Lots of power
No audible distortion
Quiet fan-less operation
Perfectly cromulant device
It looks and feels like an expensive unit
The power led stays lit red when the receiver is off, as if to warm the user the unit is off. Duh?
I was looking to take my audio listening to the next level. I had some space on my desk, and some random components jury rigged to a set of computer speakers. I decided to invest in a receiver and a pair of decent speakers, and boy have I been satisfied!... Read full review
I was looking to take my audio listening to the next level. I had some space on my desk, and some random components jury rigged to a set of computer speakers. I decided to invest in a receiver and a pair of decent speakers, and boy have I been satisfied!
Aesthetics - This receiver has a pro look. Sleek black with a digital display - even turning the volume knob adds to the experience. Everything looks and feels professionally made (except for the back feet, they're made of plastic, but at least the front feet are metal and good looking). This certainly adds a sort of subtle value. It feels expensive to look and use it - which is good in my book!
Functions - Inputs: AM/FM, Tape, CD, Aux, Phono. Output: Two pair of screw down terminals, Aux out. In terms of the inputs: Everything except phono is simply a direct line in. The names only help keep order of things. Perhaps the only unfortunate thing is that the names cannot be changed (for example, if I wanted to run a TV and a computer, one would be connected to "Aux" and the other to "Tape" or "CD"). The Aux out is useful for recording (of which I use this receiver to a bit of). Run a line from Aux out to whatever recording device you want. You could even run aux out into yet another pair of speakers for additional modularity. The included AM antenna is nothing special. It will get powerful nearby stations, but requires a lot of manual tweaking to pick up different stations in the area. However with a minor upgrade, you can get your favorite ancient modulation *ehm* excuse me, amplitude modulation stations just fine. The included FM antenna is also fairly average, but FM doesn't have the intrinsic antenna issues as AM. The phono input includes a preamp for your underpowered record players, so steer clear of putting other things in there. That being said, if you have a record player with a preamp, it might be best to put that in Aux or another input. There's also a screw down ground option for older record players or inputs with a screw down ground wire, very useful for vintage-meets-modern setups.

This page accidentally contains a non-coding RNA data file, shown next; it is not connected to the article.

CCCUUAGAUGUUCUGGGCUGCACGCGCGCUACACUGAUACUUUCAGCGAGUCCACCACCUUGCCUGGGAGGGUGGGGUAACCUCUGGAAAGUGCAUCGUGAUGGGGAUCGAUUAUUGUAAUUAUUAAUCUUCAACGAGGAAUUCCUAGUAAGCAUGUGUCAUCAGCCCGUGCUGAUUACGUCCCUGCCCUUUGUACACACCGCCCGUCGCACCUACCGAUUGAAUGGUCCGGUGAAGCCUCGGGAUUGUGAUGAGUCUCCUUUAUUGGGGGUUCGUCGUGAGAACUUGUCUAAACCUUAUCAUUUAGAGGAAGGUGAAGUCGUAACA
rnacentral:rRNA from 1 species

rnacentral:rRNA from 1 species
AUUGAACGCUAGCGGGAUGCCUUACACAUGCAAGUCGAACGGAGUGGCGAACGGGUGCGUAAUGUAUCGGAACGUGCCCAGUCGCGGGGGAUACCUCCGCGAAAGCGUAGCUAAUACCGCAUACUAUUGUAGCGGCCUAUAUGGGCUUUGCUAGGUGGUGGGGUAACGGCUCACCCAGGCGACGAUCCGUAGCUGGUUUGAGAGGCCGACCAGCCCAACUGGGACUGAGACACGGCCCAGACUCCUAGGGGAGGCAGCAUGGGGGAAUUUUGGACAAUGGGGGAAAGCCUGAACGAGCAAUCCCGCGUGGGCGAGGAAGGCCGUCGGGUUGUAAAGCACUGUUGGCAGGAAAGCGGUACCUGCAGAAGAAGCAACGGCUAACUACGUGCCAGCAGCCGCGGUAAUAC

Sound - The sound of a receiver is largely based on the speakers chosen. But, having test several speakers, the sound quality from the receiver itself is as good as it needs to be. Very little distortion on CD or mp3, and, with some tweaking, even scratchy records can come through fairly clean. Although it would be better to clean your records than remove the treble.
- NOTE on speakers -
use 8 ohm impedance for one pair setup. For a two pair setup, use 16 ohm impedance. Using less than 8 ohms for one pair, or less than 16 ohms for 2 pair may (no.. WILL) cause damage to the unit
Inconveniences - Heat is hardly a problem. If you were to run it at Max with a very hot line in for a long time, you would begin to get heat buildup. However, if you keep your lines hot and run the receiver at 30, its enough power to fill most rooms without any significant heat from the unit. As mentioned before, the inability to change the labels on the inputs is probably the only large problem on this unit, and isn't even that much of a problem as the names chosen are fairly common, and few people will need to two AUX inputs. (If you're someone who needs 8 Aux inputs, you probably didn't or aren't considering this receiver anyway). The other major inconvenience is that it's big and heavy. If you plan on using this with a desk setup, make sure you have the space. If you are using it with a TV or home theater, it will fit right in with tape decks or CD players you might already have. Its awkwardly heavy and difficult to move around while setting up, but not a big deal as once its running, there's hardly a need to go in the back.
All in all, A fantastic receiver for the price. It looks and feels like an expensive unit, and plays just as well. The functions are limited, but not by any casual users standards. The phono input, aux output and two pair speaker make this unit extremely useful for many situations, for example, as a desktop unit for my computer and record player and radio functions, or as a home theater setup. While it might not be worth upgrading your computer speakers for this, I would recommend this as an upgrade for a desktop computer speaker setup if you had any extra input devices you wanted to connect, such as a record player or tape deck, or CD player. The convince coupled with the sound, look, and feel make this one heck of a stereo receiver!
P.S. recommend to check for its best price at: avreceiversdot.wordpress.com/sherwood-rx-4109/
Hope this helps.